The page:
Sun Nov 27th, 2005 at 10:56:31 AM EST
The middle class wage earner in the US has seen his standard of living remain about the same for the past several decades. Those in abject poverty have become a smaller segment of the population (at least until recently). The rich and super-rich have seen their share of both income and wealth rise substantially.
During the same period the US has amassed huge deficits, both foreign and domestic. My guess is that if one were to compare the growth in the size of the deficits with the growth in the assets of the wealthy they would be close in size. I assume all the corrections for inflation and similar factors are taken into account.
If this is even approximately true then what it shows is that the rich have been living off funds borrowed from others by the government on their behalf. An interesting economic development in that case.
As for the stagnant working class, I think this is a sign that in a fully developed economy the average person is "worth" only so much as an economic engine and thus there is little prospect for real increase in standard of living. The middle class has all that it needs in terms of necessities and even a fair amount of luxuries. If it were to get "richer" then it would be able to purchase more, driving up demand, thus driving up prices and making the effective purchasing power back where it started from.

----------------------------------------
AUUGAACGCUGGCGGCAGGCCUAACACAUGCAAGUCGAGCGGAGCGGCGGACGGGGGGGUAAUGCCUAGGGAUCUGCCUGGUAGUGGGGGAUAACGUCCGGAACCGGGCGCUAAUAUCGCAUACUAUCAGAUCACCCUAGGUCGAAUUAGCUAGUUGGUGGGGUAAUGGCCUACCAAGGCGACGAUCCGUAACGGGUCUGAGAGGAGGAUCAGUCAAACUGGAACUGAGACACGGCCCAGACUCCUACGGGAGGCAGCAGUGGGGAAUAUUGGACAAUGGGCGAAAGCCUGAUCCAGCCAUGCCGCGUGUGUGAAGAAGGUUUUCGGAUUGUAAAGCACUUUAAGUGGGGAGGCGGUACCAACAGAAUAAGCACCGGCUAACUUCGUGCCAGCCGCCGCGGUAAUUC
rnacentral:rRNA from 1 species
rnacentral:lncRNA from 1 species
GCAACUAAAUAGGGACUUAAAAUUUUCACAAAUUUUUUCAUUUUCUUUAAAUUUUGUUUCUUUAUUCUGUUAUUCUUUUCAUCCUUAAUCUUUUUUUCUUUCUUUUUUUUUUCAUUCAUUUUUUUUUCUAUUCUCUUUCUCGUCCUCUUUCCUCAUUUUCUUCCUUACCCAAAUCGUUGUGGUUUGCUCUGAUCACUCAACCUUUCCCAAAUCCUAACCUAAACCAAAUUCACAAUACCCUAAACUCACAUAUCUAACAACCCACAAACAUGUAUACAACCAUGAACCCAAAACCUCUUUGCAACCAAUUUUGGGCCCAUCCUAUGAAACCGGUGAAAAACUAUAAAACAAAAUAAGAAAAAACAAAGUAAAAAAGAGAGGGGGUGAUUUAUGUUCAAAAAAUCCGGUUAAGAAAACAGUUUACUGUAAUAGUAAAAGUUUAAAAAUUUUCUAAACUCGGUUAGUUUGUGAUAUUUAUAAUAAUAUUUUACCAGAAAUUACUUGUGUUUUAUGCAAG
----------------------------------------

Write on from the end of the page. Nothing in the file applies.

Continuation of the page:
So my hypothesis is that the top class has been taking from the US treasury and foreign treasuries to allow it command an unsustainable standard of living at everybody else's expense. I haven't found any hard numbers to prove this, but I still think I'm heading in the right direction.
I would appreciate some statistics if any one can cite them (either to prove or disprove my guess).